Student Loans are an epidemic and it doesn’t look like they are going away anytime soon, but there are some successful strategies to help. Many borrowers may believe that they will never repay their student loans. Many may feel forced into making the minimum payments on student loans that increase their interest eternally. The truth is that most people can pay off their student loans if they use an effective strategy.

There are two common successful strategies for paying off student loans:

  1. Paying off loans as quickly as possible, which comes in the form of the Debt Avalanche or the Debt Snowball
  2. Paying loans off slowly over time while potentially gaining loan forgiveness with an income-driven repayment plan.

Successful Strategy 1: The Debt Avalanche

The Debt Avalanche strategy focuses on removing the highest amount of interest each month. Adherents to the debt avalanche the minimum amount on loans with most of their loans, but they invest the maximum amount possible in the loan with the highest interest rate. If a borrower focuses on the highest interest rate every month their loan’s growth is cut short.

This strategy costs the least amount of money over time out of the quick repayment methods. However, it can be considered a change in lifestyle to pay off debt as fast as possible. Many find this method to be too extreme, though it is the most effective at paying down interest quickly.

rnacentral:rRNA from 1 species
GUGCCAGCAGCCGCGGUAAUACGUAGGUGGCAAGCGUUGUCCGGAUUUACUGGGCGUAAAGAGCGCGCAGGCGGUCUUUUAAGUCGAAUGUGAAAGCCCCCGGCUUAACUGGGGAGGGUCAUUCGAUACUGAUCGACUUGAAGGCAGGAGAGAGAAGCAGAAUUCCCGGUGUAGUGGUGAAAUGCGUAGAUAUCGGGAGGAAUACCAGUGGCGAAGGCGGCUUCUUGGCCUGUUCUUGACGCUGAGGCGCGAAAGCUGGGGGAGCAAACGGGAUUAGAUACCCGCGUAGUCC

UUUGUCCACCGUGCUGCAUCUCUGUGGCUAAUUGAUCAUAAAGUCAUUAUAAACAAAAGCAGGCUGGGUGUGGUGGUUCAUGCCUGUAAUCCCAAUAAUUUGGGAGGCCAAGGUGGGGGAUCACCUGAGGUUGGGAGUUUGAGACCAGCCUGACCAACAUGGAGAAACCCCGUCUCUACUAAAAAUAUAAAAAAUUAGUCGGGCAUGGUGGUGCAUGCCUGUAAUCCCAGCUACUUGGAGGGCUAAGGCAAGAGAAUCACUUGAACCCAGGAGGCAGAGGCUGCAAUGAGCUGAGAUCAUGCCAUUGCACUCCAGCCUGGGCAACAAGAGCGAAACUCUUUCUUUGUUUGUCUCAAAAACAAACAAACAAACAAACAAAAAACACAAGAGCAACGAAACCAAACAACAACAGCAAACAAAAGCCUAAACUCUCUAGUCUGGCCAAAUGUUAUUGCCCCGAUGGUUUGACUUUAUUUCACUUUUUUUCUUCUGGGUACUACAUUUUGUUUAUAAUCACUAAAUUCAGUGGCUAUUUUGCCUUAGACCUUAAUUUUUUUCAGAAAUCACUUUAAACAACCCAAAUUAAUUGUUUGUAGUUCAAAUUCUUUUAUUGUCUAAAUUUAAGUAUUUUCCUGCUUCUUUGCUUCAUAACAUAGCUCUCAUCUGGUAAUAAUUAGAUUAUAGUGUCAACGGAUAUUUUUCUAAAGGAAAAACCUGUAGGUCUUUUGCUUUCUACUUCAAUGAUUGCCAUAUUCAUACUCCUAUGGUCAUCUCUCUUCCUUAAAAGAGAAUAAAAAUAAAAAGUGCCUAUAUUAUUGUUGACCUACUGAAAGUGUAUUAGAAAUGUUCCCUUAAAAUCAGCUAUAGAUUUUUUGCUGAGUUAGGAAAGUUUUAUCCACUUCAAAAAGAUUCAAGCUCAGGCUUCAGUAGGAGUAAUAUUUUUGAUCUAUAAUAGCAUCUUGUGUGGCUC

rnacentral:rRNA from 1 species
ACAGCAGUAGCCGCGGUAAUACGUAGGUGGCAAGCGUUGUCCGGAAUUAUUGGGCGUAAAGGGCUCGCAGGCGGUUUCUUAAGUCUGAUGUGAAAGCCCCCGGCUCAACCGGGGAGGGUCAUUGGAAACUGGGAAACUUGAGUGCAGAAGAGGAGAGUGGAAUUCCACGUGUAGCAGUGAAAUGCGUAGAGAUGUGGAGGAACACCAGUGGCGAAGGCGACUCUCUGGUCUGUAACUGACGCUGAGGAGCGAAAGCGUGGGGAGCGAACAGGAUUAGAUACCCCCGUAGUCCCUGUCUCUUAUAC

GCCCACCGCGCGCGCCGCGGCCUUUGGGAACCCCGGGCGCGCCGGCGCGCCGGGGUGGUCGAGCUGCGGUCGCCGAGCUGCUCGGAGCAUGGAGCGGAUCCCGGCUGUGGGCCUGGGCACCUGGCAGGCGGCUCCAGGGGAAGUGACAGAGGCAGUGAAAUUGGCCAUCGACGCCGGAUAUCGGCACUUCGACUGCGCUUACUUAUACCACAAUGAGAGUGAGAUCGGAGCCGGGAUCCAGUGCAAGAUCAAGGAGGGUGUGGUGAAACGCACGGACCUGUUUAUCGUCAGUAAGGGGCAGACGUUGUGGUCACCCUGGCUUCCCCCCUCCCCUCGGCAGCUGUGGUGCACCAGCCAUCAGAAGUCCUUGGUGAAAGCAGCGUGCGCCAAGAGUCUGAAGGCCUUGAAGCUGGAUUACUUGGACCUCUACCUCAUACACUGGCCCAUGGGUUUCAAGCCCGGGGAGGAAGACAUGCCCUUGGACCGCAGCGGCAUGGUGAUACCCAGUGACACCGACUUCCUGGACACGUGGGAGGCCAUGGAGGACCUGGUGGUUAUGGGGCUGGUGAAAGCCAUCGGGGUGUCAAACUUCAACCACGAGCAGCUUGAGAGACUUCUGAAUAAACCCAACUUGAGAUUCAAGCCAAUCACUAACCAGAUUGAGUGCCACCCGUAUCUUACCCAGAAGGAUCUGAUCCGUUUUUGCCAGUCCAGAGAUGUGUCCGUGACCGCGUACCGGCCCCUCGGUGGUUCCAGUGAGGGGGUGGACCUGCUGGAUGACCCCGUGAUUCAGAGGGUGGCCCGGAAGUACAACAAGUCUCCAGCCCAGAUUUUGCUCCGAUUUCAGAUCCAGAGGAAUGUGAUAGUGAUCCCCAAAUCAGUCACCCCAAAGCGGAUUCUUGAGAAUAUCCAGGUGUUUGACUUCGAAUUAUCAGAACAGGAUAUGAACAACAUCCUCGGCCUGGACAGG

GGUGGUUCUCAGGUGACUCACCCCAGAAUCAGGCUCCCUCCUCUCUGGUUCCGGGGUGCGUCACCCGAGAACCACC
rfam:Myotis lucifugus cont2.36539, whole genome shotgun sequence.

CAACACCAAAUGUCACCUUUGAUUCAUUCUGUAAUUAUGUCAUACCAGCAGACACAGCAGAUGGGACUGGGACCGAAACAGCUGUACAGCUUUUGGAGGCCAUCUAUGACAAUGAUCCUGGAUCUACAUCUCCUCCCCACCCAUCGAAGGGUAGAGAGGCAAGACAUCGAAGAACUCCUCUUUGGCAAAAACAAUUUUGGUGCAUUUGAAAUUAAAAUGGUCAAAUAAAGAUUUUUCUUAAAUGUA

Successful Strategy 2: The Debt Snowball

The Debt Snowball pays off the smallest debt firsts, then moves onto the large debts. The snowball gains momentum on payoff and keeps rolling. You pay only the minimum payments for everything but the loans with the smallest balance. With this strategy, a borrower gets rid of debts one at a time. This provides a clear trajectory and a tangible sense of progress, that many may consider emotionally satisfying. More interest is gained through the snowball strategy instead of the avalanche strategy, but completely removing loans may be easier to track, and feel better.

By following this principle borrowers will often pay more interest than people who adhere to the Debt Avalanche method. While borrowers will have fewer bills to deal with at the end of each month, those that remain may grow larger through their interest than the smaller bills ever were.


Successful Strategy 3: Income-Driven Repayment Plans (IDRs)

While the standard student loan repayment plan can be too high for borrowers to pay for their living expenses and their student loans, an IDR is often better at enabling an individual’s standard lifestyle. A borrower may be able to pay off student loans with a fraction of their discretionary income per month after switching to an IDR. This amount can be as low as $0. However, getting an IDR often extends the amount of time it takes to pay off a student loan.

Getting in the right IDR plan can result in student loan forgiveness after 20 to 25 years of enrollment. Loan forgiveness and lower repayment costs per month often create a more attractive option than the other student loan strategies. Special occupations, such as public service workers, may be able to look into special funds. For example: Public Service workers may have their debt forgiven in 10 years by following the Public Service Loan Forgiveness (PSLF) fund. However, many people have problems with the paperwork required to stay on track with these plans. It is often worth consulting an expert to gain the find successful strategies for an individual’s situation.